After a warm and dry summer, the autumn rains are a much welcome sight, not only to garden enthusiasts but also to the plants. It takes many good rainfalls for the soil to properly absorb moisture after a dry summer season. The water we receive from rain is quite different from our irrigation water and benefits the plants in many ways; rainwater contains nitrate – the most bioavailable form of nitrogen, and it is naturally slightly acidic which most plants prefer. Speaking of rain, we are pleased with the measures that we have been working on in order to reduce water consumption, e.g. adding organic matter to our soil, paying close attention to the timing of our irrigation, mulching, and increasing shade to the soil by planting densely. These examples can be implemented by anyone and can foster a garden that requires far less water. Over time this can lead to large savings to one’s pocket book, but even more importantly it can help reduce the demands from our local water supply.

The precipitation that we are so thankful to see also poses a challenge to our summer annuals, especially at the tail end of the season. Cool wet conditions can be a spawning ground for disease and these conditions are not ideal for summer annuals. Gardening staff work hard to prolong the summer season by performing tedious work like deadheading, pruning, and cleaning up dead foliage to keep the show going. Regardless of how much work our gardening staff do to try to extend their season, some flowers cannot be saved, and therefore need to be replanted.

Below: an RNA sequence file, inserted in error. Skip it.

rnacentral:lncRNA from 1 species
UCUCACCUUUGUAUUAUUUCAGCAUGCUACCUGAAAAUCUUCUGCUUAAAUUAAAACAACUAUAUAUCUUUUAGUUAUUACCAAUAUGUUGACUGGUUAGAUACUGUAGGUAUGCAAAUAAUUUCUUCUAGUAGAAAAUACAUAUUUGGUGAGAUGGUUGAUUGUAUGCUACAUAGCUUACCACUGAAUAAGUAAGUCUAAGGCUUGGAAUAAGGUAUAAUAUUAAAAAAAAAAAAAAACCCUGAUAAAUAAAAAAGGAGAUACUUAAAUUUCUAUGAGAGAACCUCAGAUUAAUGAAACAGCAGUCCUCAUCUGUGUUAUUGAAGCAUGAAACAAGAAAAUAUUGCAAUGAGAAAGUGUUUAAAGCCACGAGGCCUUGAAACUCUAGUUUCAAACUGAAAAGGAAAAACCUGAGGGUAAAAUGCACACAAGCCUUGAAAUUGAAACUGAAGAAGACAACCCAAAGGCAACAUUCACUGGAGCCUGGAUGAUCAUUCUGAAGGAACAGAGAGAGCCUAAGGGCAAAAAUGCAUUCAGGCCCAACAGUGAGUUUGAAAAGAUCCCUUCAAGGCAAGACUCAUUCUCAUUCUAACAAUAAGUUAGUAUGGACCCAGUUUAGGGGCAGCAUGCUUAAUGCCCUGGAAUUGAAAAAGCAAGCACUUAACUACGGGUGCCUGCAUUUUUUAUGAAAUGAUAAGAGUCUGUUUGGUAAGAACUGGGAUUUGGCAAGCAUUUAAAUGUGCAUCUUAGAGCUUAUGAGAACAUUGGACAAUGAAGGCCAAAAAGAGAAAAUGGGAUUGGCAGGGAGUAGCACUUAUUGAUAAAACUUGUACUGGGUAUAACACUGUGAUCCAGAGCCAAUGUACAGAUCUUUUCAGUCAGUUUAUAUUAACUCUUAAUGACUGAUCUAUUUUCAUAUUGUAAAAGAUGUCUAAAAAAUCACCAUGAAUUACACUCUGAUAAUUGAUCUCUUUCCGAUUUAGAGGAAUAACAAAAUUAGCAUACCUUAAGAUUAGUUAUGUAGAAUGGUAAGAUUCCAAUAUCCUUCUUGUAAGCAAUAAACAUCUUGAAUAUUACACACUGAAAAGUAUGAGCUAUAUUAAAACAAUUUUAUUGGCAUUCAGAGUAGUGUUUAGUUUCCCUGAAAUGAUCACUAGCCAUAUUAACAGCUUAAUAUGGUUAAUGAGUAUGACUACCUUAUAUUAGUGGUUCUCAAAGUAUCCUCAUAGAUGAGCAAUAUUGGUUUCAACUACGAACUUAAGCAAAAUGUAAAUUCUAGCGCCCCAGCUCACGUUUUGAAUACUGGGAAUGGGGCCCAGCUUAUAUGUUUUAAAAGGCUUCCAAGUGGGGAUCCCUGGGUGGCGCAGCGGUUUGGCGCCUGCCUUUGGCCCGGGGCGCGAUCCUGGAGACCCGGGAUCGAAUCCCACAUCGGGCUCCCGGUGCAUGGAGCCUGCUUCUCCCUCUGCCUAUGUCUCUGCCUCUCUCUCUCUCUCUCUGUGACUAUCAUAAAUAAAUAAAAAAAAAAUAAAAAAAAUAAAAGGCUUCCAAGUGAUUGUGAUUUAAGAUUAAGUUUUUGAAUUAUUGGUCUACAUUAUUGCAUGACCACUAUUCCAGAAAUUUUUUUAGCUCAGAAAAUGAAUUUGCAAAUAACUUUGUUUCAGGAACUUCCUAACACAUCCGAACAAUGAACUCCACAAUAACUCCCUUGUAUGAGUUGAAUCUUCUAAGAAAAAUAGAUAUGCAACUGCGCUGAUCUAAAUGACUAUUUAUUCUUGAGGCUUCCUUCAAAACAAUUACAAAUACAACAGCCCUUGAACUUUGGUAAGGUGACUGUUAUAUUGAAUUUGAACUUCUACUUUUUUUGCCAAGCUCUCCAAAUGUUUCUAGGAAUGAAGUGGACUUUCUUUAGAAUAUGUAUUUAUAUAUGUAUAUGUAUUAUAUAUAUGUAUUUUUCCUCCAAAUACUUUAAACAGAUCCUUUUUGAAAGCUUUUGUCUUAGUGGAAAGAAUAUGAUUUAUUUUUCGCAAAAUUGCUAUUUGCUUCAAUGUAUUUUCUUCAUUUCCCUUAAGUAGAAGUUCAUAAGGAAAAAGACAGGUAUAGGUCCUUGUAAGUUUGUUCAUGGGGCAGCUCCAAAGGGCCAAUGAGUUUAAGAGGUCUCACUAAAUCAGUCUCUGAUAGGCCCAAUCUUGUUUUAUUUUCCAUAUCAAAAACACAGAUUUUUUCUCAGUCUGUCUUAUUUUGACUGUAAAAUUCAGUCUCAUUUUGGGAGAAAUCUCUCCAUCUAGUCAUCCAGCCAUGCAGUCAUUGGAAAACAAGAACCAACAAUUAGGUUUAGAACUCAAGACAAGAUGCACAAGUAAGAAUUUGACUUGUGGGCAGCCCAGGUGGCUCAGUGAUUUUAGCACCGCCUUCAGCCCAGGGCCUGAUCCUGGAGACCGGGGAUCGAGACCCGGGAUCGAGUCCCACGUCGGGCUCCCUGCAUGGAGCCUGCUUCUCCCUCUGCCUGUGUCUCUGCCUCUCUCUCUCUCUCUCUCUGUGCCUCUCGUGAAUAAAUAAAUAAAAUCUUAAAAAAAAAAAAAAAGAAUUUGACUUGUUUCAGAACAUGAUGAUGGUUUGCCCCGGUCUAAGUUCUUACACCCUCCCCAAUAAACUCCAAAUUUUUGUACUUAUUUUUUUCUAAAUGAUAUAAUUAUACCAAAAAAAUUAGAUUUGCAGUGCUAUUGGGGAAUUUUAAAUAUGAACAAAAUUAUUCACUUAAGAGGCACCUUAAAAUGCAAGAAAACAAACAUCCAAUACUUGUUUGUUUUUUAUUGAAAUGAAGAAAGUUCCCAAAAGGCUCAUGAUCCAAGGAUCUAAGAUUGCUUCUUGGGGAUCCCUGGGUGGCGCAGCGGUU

The Dahlias, on the other hand, are thriving during this change of seasons. A lot of work goes into planning, growing, and maintaining the Dahlias so it’s always a welcome sight to see them drawing plenty of attention in September. This has been an exceptional year for the Dahlias, and one Dahlia in particular is almost 9 feet tall!  Not only do the Dahlias catch the attention of our visitors, but they are a hit amongst our bee population. Each week during the summer, gardening staff deadhead, removing the spent blooms from the Dahlias to promote continuous flowering. While staff are deadheading they are also tasked with relocating sleeping bees! I couldn’t believe my eyes when I witnessed this for the first time this summer. Apparently, Dahlia flowers provide a comfortable place to nestle down for the night, and in order to continue on with their jobs, staff manually move the bees to other flowers as they cut the spent blooms. This is satisfying work knowing that these small steps are helping the native bee population.